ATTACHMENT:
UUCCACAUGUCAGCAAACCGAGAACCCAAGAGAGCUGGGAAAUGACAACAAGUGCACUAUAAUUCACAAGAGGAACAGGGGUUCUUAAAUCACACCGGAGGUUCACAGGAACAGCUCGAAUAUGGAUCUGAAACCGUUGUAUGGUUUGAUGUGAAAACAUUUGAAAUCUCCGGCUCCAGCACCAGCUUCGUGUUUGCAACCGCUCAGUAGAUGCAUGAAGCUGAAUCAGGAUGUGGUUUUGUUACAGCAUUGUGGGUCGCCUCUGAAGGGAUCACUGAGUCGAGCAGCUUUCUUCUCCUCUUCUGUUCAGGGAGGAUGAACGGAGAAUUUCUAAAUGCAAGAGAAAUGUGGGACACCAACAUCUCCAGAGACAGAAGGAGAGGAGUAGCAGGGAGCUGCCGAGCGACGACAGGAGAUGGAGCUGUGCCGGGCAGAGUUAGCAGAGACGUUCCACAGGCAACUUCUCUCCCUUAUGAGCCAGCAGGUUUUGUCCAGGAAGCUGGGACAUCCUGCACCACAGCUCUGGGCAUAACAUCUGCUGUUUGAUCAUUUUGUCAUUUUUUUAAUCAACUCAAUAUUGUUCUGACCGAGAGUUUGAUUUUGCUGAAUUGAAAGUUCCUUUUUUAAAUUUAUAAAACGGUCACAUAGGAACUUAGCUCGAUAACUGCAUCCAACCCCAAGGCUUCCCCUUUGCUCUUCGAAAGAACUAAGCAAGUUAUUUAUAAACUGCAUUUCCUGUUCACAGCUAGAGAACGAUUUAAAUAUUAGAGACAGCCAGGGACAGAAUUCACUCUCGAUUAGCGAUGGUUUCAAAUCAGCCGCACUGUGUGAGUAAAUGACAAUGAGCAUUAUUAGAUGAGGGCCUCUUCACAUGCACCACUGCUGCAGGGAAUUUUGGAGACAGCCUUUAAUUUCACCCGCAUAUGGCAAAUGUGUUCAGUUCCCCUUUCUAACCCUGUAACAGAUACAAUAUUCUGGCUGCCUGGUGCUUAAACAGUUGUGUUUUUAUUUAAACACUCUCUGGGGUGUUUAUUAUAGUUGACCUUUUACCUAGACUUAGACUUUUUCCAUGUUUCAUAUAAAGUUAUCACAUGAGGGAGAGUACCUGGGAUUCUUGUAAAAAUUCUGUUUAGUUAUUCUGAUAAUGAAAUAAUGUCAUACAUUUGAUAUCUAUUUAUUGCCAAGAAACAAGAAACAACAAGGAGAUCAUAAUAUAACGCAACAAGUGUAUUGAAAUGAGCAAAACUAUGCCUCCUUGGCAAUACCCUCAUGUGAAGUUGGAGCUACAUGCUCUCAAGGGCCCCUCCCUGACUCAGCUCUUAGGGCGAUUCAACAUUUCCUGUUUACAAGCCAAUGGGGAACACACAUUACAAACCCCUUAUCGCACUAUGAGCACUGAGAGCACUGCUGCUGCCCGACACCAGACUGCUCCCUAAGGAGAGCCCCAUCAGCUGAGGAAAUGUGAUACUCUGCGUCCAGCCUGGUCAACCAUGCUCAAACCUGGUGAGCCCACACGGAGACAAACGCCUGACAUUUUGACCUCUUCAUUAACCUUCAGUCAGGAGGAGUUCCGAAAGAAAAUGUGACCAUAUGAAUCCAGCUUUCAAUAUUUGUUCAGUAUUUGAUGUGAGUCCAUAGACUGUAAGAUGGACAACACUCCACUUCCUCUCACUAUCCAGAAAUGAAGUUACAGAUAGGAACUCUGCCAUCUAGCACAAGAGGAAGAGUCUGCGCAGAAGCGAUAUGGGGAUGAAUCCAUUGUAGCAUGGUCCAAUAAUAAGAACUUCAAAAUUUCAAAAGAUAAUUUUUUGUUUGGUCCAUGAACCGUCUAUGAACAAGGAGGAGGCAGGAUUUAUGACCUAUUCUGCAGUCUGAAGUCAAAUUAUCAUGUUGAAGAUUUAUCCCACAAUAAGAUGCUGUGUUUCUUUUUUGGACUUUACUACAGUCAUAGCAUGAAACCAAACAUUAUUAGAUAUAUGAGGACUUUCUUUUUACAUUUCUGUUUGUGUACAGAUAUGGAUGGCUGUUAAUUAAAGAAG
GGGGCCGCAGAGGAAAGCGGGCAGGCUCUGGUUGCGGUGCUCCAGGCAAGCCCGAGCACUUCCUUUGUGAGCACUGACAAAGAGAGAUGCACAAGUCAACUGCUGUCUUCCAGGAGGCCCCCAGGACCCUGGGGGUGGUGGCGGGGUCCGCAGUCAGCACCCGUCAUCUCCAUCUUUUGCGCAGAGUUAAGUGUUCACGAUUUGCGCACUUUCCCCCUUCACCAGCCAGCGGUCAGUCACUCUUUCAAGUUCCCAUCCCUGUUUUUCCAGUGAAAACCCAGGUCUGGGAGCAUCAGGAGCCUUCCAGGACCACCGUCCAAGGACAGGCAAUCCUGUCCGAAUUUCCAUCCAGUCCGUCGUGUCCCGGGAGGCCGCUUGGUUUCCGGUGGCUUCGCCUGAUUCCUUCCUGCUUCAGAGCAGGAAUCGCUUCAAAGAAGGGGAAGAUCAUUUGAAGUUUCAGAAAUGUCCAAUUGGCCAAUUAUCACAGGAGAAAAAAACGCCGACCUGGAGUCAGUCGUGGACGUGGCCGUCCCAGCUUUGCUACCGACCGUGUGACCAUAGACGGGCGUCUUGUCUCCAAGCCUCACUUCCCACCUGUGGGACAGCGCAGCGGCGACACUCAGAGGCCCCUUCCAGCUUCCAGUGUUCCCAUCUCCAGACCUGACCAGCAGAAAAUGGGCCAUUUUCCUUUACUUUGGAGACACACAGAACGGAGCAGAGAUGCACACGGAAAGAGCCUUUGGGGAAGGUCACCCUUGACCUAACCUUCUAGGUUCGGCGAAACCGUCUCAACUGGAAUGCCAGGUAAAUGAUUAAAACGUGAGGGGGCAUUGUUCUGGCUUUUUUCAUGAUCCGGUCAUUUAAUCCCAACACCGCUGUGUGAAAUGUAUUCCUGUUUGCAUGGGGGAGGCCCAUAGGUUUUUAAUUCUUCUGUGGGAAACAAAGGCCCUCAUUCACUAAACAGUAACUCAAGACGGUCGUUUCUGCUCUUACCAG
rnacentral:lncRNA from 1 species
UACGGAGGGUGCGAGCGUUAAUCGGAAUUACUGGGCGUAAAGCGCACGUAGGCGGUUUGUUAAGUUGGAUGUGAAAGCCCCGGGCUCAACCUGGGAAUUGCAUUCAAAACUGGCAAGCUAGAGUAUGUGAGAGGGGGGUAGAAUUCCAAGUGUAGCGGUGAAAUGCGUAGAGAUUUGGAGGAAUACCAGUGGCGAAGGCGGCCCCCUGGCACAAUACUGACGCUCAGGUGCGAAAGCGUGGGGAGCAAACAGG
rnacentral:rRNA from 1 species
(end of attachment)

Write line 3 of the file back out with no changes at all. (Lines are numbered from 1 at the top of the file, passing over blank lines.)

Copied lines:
rnacentral:lncRNA from 1 species